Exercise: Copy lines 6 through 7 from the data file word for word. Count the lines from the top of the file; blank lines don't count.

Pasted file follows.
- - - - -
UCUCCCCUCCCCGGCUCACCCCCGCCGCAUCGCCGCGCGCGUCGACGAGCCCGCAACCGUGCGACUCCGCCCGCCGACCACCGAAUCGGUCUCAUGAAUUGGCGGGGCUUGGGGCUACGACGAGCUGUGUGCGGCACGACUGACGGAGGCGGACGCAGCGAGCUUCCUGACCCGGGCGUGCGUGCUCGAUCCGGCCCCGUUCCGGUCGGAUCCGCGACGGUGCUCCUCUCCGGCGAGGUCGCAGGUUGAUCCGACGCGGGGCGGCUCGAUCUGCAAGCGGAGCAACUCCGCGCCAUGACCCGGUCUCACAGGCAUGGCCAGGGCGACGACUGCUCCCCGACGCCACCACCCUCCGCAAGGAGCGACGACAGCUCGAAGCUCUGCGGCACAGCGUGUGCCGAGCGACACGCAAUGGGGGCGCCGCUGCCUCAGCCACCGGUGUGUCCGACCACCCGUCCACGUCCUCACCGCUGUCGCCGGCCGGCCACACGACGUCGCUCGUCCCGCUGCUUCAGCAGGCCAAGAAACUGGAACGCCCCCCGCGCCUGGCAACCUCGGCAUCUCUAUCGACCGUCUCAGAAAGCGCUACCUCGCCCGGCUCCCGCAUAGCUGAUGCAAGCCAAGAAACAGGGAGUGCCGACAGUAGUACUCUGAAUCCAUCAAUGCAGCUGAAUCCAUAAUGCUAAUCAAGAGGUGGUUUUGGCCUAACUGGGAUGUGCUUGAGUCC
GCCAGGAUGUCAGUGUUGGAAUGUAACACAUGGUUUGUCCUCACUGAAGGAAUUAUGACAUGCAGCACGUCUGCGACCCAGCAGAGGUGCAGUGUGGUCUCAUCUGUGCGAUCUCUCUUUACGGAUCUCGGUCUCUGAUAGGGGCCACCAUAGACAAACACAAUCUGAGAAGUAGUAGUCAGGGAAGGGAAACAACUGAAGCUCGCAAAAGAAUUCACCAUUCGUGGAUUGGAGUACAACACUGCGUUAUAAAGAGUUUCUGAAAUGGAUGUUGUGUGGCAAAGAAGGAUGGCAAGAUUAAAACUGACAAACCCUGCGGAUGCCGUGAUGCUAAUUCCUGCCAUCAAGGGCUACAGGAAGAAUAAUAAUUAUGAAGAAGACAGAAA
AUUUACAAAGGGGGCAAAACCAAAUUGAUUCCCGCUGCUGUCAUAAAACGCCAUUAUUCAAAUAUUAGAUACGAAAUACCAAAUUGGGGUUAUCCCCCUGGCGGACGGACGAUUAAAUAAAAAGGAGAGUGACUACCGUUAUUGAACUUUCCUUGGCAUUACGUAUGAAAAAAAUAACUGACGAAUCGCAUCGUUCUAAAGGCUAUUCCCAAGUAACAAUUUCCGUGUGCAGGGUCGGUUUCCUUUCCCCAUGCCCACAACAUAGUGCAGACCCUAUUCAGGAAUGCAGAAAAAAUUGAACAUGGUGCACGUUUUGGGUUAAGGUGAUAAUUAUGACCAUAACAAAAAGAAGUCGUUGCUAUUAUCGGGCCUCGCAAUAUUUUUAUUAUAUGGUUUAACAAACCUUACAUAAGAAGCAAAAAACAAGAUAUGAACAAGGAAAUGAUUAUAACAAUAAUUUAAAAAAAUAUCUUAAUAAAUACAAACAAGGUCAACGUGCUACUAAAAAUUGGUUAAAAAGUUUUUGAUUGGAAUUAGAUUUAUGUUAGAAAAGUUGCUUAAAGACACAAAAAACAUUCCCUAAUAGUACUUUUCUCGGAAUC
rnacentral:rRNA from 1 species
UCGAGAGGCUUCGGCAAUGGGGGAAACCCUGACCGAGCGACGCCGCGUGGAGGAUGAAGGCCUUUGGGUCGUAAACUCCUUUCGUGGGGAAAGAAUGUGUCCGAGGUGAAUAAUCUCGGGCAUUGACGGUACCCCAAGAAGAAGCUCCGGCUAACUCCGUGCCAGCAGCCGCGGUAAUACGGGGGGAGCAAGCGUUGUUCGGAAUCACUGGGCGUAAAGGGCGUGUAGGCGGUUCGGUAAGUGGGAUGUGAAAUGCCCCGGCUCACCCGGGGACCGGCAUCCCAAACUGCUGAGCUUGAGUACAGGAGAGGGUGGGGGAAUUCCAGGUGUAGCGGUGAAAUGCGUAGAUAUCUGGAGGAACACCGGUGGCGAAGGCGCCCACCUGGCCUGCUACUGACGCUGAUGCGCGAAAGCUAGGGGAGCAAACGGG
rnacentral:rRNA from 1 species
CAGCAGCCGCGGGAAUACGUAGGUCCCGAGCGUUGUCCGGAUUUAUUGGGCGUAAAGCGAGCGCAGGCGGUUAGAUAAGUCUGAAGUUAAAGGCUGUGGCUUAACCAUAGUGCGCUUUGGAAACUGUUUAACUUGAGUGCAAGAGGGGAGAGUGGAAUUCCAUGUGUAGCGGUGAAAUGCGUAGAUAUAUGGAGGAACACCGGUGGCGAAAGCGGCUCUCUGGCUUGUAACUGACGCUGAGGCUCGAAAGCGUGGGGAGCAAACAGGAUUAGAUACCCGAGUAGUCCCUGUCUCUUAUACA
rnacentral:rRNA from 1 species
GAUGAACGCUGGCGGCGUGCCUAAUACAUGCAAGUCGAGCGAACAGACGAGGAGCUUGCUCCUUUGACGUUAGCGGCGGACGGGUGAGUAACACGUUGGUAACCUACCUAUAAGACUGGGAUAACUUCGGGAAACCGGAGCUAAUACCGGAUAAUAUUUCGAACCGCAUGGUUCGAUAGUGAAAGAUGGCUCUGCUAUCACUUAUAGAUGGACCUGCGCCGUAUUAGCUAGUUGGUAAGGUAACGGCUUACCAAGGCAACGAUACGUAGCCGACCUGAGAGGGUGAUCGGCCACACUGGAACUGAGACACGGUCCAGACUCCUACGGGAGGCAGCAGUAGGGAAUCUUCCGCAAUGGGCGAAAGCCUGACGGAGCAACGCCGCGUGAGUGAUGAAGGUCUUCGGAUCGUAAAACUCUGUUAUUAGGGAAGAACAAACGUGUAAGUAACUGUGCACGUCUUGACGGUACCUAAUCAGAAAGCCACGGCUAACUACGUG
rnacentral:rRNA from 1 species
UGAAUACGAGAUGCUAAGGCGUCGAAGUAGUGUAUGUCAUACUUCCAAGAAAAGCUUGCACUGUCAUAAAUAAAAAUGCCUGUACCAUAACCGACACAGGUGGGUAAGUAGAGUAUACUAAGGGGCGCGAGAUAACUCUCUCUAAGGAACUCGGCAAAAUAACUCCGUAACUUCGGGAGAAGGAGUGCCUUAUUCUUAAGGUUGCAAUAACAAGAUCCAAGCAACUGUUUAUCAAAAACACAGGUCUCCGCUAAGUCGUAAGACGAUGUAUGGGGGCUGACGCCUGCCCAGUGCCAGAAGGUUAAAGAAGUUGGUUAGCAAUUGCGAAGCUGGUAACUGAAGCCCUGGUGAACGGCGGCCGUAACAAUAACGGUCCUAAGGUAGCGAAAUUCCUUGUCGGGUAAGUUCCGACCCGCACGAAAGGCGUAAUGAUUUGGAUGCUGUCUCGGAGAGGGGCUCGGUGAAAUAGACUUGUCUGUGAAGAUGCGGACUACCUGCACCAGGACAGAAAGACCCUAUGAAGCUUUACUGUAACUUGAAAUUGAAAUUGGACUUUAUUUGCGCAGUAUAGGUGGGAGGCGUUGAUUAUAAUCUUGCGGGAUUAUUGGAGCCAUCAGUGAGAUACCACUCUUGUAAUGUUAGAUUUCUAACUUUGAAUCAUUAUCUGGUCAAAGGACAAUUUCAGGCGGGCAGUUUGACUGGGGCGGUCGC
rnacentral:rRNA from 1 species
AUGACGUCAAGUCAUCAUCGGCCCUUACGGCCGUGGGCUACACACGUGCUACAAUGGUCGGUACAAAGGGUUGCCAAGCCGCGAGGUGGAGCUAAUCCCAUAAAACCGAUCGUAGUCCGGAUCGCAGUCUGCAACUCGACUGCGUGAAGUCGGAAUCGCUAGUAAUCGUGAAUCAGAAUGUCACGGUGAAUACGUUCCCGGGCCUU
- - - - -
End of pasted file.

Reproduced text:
rnacentral:rRNA from 1 species
CAGCAGCCGCGGGAAUACGUAGGUCCCGAGCGUUGUCCGGAUUUAUUGGGCGUAAAGCGAGCGCAGGCGGUUAGAUAAGUCUGAAGUUAAAGGCUGUGGCUUAACCAUAGUGCGCUUUGGAAACUGUUUAACUUGAGUGCAAGAGGGGAGAGUGGAAUUCCAUGUGUAGCGGUGAAAUGCGUAGAUAUAUGGAGGAACACCGGUGGCGAAAGCGGCUCUCUGGCUUGUAACUGACGCUGAGGCUCGAAAGCGUGGGGAGCAAACAGGAUUAGAUACCCGAGUAGUCCCUGUCUCUUAUACA